Putting this into perspective, consider a typical WW2 Navy dive bomber would deliver 50% of its bombs within a 100' diameter circle.   So, it's rather easy to see how Pave Knife absolutely changed the rules of bombing.

Ok, have a look at the animation below.  It's my attempt at putting it into practice.
For illustrative purposes only.  In real life, the bombing F-4 would be coming right down the bridge line; I offset it for illustrative purposes.  The F-4 at left has just released its bomb (seek the little black speck?) around 7k-10k feet.  The F-4 at right, at about 10k-12k feet, is projecting a laser beam from the wing-mounted Pod onto a specific point on thebridge.  You can see how the two parts, bomb and Pave Knife pod, worked together.
Well, I have to start drawing an F-4D so this little drawing can do some good.  It's going to take a while because I've got a ton more research to do.  Believe it or not, due to the kindness of a long-time reader, I've managed to acquire a book of BDAs (bomb-damage assessments) of Pave Knife missions from May, June and July of 1972. My idea is to pick a particular mission (I'm thinking against a bridge target)  and analyze it.  In the process, I will confer with Dean Failor (one of the trained Pave Knife operators) and a pilot who took the device "up north."

Dean's been introduced here before.  So, it's a good time to introduce you to "Rick" Hilton, Squadron Commander of the 433rd TFS.

It's time to go bridge hunting.  With 'the Knife.'

*Pave Way and Pave Knife were equally accurate systems but Pave Knife was far better for combat for a number of reasons that will be explained later.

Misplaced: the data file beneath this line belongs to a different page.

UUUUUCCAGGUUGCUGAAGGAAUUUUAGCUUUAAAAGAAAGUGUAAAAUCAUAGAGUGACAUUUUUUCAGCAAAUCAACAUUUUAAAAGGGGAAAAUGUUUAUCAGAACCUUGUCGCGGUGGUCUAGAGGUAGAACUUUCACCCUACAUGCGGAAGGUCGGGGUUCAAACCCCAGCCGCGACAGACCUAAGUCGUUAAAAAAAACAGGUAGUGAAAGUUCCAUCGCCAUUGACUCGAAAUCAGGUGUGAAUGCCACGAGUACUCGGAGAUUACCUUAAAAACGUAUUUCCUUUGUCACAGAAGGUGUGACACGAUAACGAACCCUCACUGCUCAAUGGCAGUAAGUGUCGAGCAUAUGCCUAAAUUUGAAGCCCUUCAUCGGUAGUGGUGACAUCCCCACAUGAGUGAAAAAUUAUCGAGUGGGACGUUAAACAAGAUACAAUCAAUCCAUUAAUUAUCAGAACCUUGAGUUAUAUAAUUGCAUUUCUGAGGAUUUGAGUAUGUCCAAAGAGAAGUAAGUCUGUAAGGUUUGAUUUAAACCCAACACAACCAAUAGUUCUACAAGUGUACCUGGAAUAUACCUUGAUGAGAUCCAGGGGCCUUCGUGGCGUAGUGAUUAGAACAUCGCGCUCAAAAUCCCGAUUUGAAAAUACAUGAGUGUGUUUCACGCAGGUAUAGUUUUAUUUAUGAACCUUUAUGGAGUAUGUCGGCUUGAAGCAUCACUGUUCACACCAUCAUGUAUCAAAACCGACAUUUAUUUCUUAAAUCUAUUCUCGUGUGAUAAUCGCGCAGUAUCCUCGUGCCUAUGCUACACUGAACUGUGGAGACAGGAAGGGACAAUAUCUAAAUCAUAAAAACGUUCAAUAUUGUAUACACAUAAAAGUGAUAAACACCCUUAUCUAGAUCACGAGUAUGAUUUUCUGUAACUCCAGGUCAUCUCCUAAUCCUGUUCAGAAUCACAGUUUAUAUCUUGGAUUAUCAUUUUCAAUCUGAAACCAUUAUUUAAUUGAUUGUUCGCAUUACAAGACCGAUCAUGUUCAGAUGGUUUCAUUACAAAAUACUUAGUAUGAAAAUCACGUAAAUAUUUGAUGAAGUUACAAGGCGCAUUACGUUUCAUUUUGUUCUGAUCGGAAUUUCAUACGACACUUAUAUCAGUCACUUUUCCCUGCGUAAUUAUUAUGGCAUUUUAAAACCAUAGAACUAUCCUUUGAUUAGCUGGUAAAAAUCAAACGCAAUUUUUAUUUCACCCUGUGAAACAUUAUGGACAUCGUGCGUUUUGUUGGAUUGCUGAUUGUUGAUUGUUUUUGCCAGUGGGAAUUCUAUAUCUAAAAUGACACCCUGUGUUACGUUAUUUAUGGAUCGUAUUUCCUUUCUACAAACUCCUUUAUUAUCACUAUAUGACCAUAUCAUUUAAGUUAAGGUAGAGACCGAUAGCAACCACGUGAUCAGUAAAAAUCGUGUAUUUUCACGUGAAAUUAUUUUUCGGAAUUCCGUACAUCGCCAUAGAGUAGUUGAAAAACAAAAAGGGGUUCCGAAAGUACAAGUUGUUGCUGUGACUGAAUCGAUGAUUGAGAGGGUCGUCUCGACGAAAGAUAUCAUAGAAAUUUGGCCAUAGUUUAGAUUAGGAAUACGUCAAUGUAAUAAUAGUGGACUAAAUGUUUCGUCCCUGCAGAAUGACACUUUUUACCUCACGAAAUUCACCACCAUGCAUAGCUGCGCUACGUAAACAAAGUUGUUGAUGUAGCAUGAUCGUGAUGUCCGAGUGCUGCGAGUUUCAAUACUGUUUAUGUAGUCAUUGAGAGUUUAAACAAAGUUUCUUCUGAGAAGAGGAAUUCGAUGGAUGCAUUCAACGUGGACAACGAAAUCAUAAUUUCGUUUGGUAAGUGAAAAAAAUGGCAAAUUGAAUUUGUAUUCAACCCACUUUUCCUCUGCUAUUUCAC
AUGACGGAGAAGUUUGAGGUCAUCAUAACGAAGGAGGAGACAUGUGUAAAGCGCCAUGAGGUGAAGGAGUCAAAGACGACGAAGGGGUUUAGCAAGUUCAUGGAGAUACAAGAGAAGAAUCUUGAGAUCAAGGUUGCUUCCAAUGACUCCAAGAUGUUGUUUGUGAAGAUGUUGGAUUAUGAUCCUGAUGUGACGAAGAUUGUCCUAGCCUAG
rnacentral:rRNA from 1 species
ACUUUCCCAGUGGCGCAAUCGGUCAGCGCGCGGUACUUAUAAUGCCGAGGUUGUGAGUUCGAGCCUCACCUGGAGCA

PROFILE 102: UPDATE - "280" as flown by the 523rd TFS

"(I) thought I was going to the big show. Vietnam.  (But) wound up in the Philippines (and) thought I had missed the action."

That quote is from James Null of the 523rd TFS.  If you've followed my work on the 523rd so far, you'll remember that this particular F-4 is going to be a "Team Airplane" and representative of the many that comprised the squadron.  More on that when I post the final sometime in April (get ready for some of the coolest F-4 photographs you’ve ever seen!)

In the meantime, much to Jim's chagrin, I'd like you to focus on the red star painted on the splitter-plate.   Why chagrin?  It’s because the particular F-4 that I’m drawing is also the F-4 that Jim and Mike Vahue flew when he downed a MiG-21 over North Vietnam.  Jim has let me know—on a number of occasions—that the story that follows neither makes him a celebrity, something special or particularly better than anyone else in the unit.  Instead, that it happened at all was, in his words, "luck."

On April 16, 1972, Jim and Mike got…lucky.  

The day before, the pilots of the 523rd were told that the USAF would be going into North Vietnam for the first time since 1968.   The squadron’s particular roles in the operation were two-fold:  one, to provide MiGCAP (protect the bombers from MiGs) and two, Air Defense Alert (wait around for a "scramble!").  Jim and Mike, on account of rank (they were mere Captains) were told they wouldn't be a part of the MiGCAP show up North and to wait it out in the lounge.